Nick Cave suggests future of rock music 'perhaps isn't worth saving'
- Bang Showbiz
- 15 April 2019
Bad Seeds frontman Nick Cave has suggested the future of rock music "perhaps isn't worth saving", and believes the genre needs an overhaul
Nick Cave has suggested the future of rock music "perhaps isn't worth saving".
The Bad Seeds frontman believes there is "little new and authentic" rock music anymore because it has become more "cautious and corporate" than ever.
In response to a fan on his Red Hand Files website – which sees the singer openly reply to questions and letters – about his opinion on the current state of the genre, the 'Bring It On' hitmaker said: "It is within the very nature of rock 'n' roll to mutate and to transform – to die so it can live again. This churning is what keeps the whole thing moving forward. As musicians we are always in danger of becoming obsolete and superseded by the next generation's efforts, or by the world itself and its big ideas. It looks like the new big idea is moralism. Will rock music survive this one? We shall see.
"My feeling is that modern rock music, as we know it, has anyway been ailing for some time now. It has become afflicted with a kind of tiredness and confusion and faint-heartedness, and no longer has the stamina to fight the great battles that rock music has always fought.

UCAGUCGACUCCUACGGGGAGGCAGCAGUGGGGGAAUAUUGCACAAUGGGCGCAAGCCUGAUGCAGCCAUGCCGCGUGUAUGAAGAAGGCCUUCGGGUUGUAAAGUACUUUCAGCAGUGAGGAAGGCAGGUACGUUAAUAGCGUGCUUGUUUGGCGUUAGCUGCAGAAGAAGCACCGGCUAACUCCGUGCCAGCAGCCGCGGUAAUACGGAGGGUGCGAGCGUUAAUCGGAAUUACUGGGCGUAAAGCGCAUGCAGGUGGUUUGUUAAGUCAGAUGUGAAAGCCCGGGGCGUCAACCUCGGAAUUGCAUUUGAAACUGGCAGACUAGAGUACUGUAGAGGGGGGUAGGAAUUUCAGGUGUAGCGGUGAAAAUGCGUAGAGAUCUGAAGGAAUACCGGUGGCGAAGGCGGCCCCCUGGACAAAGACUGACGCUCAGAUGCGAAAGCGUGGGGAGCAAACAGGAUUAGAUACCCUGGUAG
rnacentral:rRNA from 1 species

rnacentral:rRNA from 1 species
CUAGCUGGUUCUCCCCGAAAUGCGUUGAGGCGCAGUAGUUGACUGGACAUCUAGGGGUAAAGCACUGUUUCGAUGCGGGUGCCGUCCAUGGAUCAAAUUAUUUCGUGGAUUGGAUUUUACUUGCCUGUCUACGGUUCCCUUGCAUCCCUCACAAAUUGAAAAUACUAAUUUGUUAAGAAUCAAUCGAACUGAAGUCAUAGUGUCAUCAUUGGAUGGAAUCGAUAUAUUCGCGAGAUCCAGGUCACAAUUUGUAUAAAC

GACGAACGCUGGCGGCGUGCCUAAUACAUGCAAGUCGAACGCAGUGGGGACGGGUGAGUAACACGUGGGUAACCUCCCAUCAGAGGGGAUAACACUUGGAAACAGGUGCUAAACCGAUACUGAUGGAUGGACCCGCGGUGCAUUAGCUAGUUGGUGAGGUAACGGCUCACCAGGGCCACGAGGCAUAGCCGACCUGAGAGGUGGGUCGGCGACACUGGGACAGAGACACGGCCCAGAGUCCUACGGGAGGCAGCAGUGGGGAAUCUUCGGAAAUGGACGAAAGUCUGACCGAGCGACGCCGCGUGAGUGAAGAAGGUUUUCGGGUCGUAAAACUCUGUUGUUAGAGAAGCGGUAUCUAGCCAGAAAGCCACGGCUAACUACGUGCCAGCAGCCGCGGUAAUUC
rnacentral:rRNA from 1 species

"It seems to me there is little new or authentic, as it becomes safer, more nostalgic, more cautious and more corporate.
"As far as rock music goes, I think that the new moral zealotry that is descending upon our culture could actually be a good thing. Maybe, it is exactly what rock 'n' roll needs at this moment in time.
"Contemporary rock music no longer seems to have the fortitude to contend with these enemies of the imagination, these enemies of art – and in this present form perhaps rock music isn't worth saving."
The 'Red Right Hand' singer believes a big overhaul is needed, so a new "form" of the beloved genre can begin.
He added: "Perhaps a painful reckoning is needed – a great crushing of creativity that descends and lays its self-righteous ice across art – so that in time, a wild, dangerous and radical form of music can tear its way through the ice, teeth bared, and rock 'n' roll can get back to the business of transgression."